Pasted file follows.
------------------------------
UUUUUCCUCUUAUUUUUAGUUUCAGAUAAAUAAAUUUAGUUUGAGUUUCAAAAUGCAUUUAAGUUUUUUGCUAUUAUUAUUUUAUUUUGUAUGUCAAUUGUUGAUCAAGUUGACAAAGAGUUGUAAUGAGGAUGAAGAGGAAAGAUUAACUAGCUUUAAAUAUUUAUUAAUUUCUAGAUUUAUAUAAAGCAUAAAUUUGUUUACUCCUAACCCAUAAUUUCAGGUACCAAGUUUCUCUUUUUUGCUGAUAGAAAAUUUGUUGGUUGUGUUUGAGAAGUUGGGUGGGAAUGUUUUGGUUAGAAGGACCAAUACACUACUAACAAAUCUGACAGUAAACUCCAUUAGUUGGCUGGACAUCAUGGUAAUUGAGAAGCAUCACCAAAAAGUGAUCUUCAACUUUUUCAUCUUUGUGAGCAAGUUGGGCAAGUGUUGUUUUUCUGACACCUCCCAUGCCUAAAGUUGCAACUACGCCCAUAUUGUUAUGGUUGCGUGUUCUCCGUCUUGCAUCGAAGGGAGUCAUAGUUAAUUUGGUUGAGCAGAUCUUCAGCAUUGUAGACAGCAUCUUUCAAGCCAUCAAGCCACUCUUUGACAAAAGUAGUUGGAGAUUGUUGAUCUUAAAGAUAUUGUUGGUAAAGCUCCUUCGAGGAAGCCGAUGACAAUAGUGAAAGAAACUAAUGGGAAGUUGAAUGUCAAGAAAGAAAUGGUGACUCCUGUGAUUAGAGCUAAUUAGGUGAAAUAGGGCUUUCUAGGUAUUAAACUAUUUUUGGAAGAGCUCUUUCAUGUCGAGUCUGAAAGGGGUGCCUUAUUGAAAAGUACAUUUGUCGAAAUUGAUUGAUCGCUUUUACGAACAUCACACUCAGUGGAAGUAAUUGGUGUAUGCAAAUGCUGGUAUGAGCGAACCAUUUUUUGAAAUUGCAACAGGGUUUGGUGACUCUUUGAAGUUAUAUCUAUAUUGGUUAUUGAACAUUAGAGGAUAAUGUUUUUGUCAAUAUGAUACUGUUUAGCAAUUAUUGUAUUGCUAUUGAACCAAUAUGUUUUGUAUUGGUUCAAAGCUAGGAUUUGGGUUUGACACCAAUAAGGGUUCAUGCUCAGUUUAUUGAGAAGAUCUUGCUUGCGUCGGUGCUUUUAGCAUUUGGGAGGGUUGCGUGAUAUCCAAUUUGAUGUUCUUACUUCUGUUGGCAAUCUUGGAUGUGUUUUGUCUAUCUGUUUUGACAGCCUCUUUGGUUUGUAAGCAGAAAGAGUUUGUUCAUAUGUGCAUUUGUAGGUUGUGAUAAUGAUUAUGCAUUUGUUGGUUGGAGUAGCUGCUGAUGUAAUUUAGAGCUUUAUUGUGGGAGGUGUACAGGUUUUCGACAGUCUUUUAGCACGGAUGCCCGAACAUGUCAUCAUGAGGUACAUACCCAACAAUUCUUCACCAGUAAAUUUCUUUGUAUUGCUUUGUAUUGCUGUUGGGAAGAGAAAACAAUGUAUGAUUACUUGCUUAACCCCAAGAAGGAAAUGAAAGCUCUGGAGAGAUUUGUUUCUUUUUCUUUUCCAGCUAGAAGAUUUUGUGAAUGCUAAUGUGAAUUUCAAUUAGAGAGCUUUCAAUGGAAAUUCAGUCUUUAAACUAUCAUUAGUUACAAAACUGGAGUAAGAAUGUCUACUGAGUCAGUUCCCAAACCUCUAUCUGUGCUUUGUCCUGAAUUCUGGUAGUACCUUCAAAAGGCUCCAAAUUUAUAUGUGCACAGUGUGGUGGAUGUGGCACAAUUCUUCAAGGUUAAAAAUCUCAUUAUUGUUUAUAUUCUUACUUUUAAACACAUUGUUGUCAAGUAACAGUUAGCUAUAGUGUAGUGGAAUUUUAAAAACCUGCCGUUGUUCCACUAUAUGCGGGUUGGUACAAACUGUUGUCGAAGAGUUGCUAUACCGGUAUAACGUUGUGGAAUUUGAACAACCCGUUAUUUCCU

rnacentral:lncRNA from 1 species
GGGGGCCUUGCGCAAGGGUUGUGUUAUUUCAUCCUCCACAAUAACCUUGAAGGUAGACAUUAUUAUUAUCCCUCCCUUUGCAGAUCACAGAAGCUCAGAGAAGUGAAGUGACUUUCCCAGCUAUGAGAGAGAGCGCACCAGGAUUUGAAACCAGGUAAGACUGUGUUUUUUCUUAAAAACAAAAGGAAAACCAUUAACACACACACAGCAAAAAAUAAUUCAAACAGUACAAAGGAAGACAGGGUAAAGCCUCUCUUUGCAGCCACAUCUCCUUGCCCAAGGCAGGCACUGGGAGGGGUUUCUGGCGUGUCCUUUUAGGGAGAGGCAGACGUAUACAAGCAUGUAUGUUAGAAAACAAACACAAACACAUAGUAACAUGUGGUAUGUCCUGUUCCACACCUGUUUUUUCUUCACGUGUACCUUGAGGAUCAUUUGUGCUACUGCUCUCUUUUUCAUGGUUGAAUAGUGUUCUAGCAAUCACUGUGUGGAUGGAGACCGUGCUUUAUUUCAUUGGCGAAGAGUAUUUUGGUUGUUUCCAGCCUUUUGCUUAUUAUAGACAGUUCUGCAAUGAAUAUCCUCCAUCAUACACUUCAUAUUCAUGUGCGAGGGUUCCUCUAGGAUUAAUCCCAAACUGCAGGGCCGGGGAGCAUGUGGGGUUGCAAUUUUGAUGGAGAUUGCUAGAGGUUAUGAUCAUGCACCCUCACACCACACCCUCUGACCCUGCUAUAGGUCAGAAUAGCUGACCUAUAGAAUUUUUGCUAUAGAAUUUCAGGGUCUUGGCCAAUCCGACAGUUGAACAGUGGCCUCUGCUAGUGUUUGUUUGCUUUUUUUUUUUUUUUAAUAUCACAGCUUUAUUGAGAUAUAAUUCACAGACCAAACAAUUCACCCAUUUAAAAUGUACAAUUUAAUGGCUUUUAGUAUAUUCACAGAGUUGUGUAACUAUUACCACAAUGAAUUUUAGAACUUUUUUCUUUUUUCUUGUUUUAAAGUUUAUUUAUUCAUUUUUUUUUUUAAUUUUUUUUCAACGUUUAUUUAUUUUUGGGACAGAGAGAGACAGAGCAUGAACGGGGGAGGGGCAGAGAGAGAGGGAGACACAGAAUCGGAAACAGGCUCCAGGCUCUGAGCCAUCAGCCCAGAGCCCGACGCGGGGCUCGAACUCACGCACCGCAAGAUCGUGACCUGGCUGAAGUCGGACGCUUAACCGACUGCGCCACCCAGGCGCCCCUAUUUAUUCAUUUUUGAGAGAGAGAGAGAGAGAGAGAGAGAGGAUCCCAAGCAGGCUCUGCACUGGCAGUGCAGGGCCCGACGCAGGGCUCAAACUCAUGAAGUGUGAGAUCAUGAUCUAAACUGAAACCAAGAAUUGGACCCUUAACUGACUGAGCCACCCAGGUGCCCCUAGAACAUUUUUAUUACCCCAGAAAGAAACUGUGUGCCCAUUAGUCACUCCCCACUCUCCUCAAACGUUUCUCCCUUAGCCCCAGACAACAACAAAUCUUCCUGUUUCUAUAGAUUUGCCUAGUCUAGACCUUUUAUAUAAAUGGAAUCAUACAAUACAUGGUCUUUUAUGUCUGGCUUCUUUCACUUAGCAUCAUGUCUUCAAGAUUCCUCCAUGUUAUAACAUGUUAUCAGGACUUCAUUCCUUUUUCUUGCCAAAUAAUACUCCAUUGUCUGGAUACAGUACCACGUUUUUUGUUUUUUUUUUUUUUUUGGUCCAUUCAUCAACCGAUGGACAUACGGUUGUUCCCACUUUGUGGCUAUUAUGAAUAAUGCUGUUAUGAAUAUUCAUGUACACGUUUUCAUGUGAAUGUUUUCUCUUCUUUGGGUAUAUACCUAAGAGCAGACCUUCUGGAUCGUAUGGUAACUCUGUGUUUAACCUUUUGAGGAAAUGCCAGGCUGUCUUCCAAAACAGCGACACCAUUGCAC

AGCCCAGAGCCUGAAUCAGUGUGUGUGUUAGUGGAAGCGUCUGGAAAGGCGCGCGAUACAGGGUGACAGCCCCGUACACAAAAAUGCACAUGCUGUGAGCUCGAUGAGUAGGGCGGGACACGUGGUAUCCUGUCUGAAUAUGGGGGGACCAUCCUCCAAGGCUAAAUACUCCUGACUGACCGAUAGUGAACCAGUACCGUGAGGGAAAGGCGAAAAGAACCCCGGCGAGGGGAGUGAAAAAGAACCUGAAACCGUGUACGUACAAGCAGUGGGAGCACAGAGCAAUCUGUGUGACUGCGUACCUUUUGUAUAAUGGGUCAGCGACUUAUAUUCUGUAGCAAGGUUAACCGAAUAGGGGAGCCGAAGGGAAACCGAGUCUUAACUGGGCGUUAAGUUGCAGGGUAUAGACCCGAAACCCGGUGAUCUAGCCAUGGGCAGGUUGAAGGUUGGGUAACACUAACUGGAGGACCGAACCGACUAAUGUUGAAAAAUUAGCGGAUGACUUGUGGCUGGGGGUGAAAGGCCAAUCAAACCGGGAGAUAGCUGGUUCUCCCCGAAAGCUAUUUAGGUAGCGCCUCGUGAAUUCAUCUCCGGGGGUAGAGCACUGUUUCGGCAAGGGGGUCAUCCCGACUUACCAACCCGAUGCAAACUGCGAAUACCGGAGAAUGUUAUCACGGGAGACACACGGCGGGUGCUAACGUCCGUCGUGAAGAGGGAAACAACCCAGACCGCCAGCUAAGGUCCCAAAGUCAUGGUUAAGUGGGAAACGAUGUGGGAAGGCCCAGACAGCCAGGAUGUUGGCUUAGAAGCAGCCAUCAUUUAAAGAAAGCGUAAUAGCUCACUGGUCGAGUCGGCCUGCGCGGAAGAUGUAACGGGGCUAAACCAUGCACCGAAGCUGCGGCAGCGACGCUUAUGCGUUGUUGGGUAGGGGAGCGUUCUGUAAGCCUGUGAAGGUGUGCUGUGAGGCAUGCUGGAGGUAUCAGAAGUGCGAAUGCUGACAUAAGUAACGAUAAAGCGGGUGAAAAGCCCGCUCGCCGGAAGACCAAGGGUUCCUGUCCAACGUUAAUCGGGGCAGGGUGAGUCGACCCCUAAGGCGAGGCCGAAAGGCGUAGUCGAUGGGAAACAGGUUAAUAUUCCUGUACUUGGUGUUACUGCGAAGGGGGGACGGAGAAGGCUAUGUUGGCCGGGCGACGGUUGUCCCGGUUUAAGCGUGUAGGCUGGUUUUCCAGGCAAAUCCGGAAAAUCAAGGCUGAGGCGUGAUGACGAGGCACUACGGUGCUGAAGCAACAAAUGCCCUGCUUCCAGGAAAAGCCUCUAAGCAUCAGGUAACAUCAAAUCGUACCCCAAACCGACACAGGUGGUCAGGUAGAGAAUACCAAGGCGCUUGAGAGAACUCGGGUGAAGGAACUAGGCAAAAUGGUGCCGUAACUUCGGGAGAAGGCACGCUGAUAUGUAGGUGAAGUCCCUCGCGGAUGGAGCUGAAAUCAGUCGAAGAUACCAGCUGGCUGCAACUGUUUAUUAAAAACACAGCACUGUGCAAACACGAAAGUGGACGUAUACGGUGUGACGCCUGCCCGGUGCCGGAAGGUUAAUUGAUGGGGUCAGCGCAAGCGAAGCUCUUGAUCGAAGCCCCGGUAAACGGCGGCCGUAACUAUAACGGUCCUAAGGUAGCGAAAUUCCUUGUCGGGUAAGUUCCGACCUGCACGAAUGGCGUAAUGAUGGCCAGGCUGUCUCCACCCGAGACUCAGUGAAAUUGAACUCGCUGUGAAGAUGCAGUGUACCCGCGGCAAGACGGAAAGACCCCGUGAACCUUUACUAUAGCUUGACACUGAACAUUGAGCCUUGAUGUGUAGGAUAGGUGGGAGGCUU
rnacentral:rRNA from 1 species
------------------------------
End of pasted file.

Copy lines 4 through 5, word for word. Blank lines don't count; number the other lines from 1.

AGCCCAGAGCCUGAAUCAGUGUGUGUGUUAGUGGAAGCGUCUGGAAAGGCGCGCGAUACAGGGUGACAGCCCCGUACACAAAAAUGCACAUGCUGUGAGCUCGAUGAGUAGGGCGGGACACGUGGUAUCCUGUCUGAAUAUGGGGGGACCAUCCUCCAAGGCUAAAUACUCCUGACUGACCGAUAGUGAACCAGUACCGUGAGGGAAAGGCGAAAAGAACCCCGGCGAGGGGAGUGAAAAAGAACCUGAAACCGUGUACGUACAAGCAGUGGGAGCACAGAGCAAUCUGUGUGACUGCGUACCUUUUGUAUAAUGGGUCAGCGACUUAUAUUCUGUAGCAAGGUUAACCGAAUAGGGGAGCCGAAGGGAAACCGAGUCUUAACUGGGCGUUAAGUUGCAGGGUAUAGACCCGAAACCCGGUGAUCUAGCCAUGGGCAGGUUGAAGGUUGGGUAACACUAACUGGAGGACCGAACCGACUAAUGUUGAAAAAUUAGCGGAUGACUUGUGGCUGGGGGUGAAAGGCCAAUCAAACCGGGAGAUAGCUGGUUCUCCCCGAAAGCUAUUUAGGUAGCGCCUCGUGAAUUCAUCUCCGGGGGUAGAGCACUGUUUCGGCAAGGGGGUCAUCCCGACUUACCAACCCGAUGCAAACUGCGAAUACCGGAGAAUGUUAUCACGGGAGACACACGGCGGGUGCUAACGUCCGUCGUGAAGAGGGAAACAACCCAGACCGCCAGCUAAGGUCCCAAAGUCAUGGUUAAGUGGGAAACGAUGUGGGAAGGCCCAGACAGCCAGGAUGUUGGCUUAGAAGCAGCCAUCAUUUAAAGAAAGCGUAAUAGCUCACUGGUCGAGUCGGCCUGCGCGGAAGAUGUAACGGGGCUAAACCAUGCACCGAAGCUGCGGCAGCGACGCUUAUGCGUUGUUGGGUAGGGGAGCGUUCUGUAAGCCUGUGAAGGUGUGCUGUGAGGCAUGCUGGAGGUAUCAGAAGUGCGAAUGCUGACAUAAGUAACGAUAAAGCGGGUGAAAAGCCCGCUCGCCGGAAGACCAAGGGUUCCUGUCCAACGUUAAUCGGGGCAGGGUGAGUCGACCCCUAAGGCGAGGCCGAAAGGCGUAGUCGAUGGGAAACAGGUUAAUAUUCCUGUACUUGGUGUUACUGCGAAGGGGGGACGGAGAAGGCUAUGUUGGCCGGGCGACGGUUGUCCCGGUUUAAGCGUGUAGGCUGGUUUUCCAGGCAAAUCCGGAAAAUCAAGGCUGAGGCGUGAUGACGAGGCACUACGGUGCUGAAGCAACAAAUGCCCUGCUUCCAGGAAAAGCCUCUAAGCAUCAGGUAACAUCAAAUCGUACCCCAAACCGACACAGGUGGUCAGGUAGAGAAUACCAAGGCGCUUGAGAGAACUCGGGUGAAGGAACUAGGCAAAAUGGUGCCGUAACUUCGGGAGAAGGCACGCUGAUAUGUAGGUGAAGUCCCUCGCGGAUGGAGCUGAAAUCAGUCGAAGAUACCAGCUGGCUGCAACUGUUUAUUAAAAACACAGCACUGUGCAAACACGAAAGUGGACGUAUACGGUGUGACGCCUGCCCGGUGCCGGAAGGUUAAUUGAUGGGGUCAGCGCAAGCGAAGCUCUUGAUCGAAGCCCCGGUAAACGGCGGCCGUAACUAUAACGGUCCUAAGGUAGCGAAAUUCCUUGUCGGGUAAGUUCCGACCUGCACGAAUGGCGUAAUGAUGGCCAGGCUGUCUCCACCCGAGACUCAGUGAAAUUGAACUCGCUGUGAAGAUGCAGUGUACCCGCGGCAAGACGGAAAGACCCCGUGAACCUUUACUAUAGCUUGACACUGAACAUUGAGCCUUGAUGUGUAGGAUAGGUGGGAGGCUU
rnacentral:rRNA from 1 species